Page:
Interestingly enough, I think his main point here has a lot to do with the problem I was exploring in my Dissecting the Frog post. As English teachers, how do we balance inspiring our students to experience the mystery of the story, and at the same time demand rigorous analysis, while never turning that story into a mere specimen to be picked apart so that it is no longer recognizable? I don’t know how, exactly. I’m fumbling my way toward it.

Another part of the problem I have noticed is this: as Flannery says, “Art never responds to the wish to make it democratic; it is not for everybody; it is only for those who are willing to undergo the effort needed to understand it” (Mystery and Manners, via The problem is that high school is democratic — it is for everybody. Increasingly, and perhaps for all practical purposes now, so is college. So how do you teach art to everybody? To the students who don’t want to be there and who could care less about art?

The wide-eyed optimistic teacher in me would say, “But they do care. They just don’t know it yet! Or maybe they don’t right now, but they will, once I show them how beautiful Homer is. Because they are human and they are drawn to goodness, beauty and truth.”

The first few months of teaching in ACE almost cured me of that delusion, though strangely I still cling to it.

In class, the other day, I was trying to get my kids to get beyond their hatred of reading anything remotely challenging so that they could see, for a moment, the horror of Achilles dragging Hector’s body around the walls of Troy. So I told them to stop, put their pens down, pick their heads up, and look at me. Then, silently calling upon the Muses to sing in me the wrath of Achilles, I described the scene to them in my own clumsy words.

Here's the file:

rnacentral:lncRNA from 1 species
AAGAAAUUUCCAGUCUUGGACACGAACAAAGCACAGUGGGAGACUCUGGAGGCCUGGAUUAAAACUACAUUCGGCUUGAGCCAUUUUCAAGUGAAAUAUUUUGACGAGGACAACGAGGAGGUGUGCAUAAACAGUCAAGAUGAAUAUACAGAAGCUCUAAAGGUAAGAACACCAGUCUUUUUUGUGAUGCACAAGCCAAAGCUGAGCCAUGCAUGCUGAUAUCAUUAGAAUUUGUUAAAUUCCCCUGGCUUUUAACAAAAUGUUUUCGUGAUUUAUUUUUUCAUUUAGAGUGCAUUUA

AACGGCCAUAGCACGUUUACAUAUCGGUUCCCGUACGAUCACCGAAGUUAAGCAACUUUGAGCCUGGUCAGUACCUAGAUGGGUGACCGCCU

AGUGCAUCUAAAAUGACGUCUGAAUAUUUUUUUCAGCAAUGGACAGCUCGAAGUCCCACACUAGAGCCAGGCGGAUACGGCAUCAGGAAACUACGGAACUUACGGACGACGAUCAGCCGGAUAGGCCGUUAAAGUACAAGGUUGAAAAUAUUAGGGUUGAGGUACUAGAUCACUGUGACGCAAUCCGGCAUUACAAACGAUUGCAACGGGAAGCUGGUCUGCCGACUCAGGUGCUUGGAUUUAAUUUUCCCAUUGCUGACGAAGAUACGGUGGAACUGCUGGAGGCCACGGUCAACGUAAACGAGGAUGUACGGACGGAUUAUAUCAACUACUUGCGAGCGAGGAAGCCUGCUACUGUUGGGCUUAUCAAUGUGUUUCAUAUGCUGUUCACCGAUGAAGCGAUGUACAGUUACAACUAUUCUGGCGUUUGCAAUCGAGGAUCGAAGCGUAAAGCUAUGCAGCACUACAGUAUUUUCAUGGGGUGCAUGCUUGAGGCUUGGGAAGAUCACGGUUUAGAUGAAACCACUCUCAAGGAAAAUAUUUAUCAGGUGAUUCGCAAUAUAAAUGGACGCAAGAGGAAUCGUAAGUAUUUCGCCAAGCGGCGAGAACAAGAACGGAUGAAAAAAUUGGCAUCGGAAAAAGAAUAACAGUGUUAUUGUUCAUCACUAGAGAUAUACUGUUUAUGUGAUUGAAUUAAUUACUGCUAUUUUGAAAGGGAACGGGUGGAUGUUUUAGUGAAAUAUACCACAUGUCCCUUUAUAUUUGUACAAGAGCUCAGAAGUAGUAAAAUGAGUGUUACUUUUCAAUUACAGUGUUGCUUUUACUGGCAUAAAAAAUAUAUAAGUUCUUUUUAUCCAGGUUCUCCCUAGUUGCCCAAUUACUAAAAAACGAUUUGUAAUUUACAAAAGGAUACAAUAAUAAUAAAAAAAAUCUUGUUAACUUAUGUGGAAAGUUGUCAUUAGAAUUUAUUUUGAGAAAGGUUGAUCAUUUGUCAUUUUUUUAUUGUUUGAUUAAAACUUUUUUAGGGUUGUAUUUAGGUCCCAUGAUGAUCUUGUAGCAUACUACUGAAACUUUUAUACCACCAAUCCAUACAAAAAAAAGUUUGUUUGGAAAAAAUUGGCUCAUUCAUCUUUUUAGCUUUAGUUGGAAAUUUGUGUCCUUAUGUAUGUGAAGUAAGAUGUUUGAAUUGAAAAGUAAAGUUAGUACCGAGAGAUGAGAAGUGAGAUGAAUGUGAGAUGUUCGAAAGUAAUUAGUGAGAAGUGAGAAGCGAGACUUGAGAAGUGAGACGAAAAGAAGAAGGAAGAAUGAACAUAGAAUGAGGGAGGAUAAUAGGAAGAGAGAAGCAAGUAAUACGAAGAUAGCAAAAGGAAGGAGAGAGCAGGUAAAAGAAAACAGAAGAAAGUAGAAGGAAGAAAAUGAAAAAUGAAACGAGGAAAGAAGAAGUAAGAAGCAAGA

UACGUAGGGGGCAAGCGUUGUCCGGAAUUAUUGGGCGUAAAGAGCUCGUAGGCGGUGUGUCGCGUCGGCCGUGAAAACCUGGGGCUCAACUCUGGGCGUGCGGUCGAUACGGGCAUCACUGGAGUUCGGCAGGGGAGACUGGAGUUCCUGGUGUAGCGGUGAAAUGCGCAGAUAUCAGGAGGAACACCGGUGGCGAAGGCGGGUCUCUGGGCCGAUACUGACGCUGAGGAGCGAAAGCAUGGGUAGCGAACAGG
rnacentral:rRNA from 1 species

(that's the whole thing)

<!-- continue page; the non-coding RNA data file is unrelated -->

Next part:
In that fifth period class, there was a long silence afterward– especially because I tried to draw for them Priam and Hecube and Andromache with little baby Astyanax staring down from the wall, transfixed in horror.

Yet my words are not Homer’s — and they are not even Edith Hamilton’s. But what do you do when your students won’t even bother reading Hamilton’s?

“Exposure works better than explanation, participation better than entreaty” (Bauerlein).

Yet not all of them will choose to participate. Not all of them will care. Most of them will never bother with “the humanities” because they are “boring” and “I don’t get it” and “this is hard, Ms. Shea.” And maybe it is not even right of me to demand that they care. I am sure that God does not want everyone to be an English major. Scientists, politicians, and businessmen are noble professions too.

But perhaps some of my students will care, no matter to what vocation they are ultimately called — and these students may not always be the ones you (or I) would expect.

As Flannery says,

The type of mind that can understand good fiction is not necessarily the educated mind, but it is at all times the kind of mind that is willing to have its sense of mystery deepened by contact with reality, and its sense of reality deepened by contact with mystery. (O’Connor, Mystery and Manners: Occasional Prose via



Filed under Education, Literature, Teaching

6 responses to “In Defense of English Majors, Part III

  1. What matters is that you are helping them find their own vocations. If they are not interested in humanities, then you have a victory in helping them realize this. Well done! 🙂

  2. Amy Kalmar

    Maura, I just wanted to let you know how much I enjoy each of your posts! I seriously get excited every time you come up in my RSS feed. Your posts about balancing/integrating the experience of literature with rigorous analysis has given me so much excellent raw thinking material, and helped me put into words some of the very profound tensions I’ve felt in my teaching the past few years. Also, I’ve shamelessly stolen so many ideas, poems, and insights from you. In conclusion, you’re wonderful! Keep writing!

  3. Pingback: 7 Quick Takes Friday (1/17/14) | Mysteries and Manners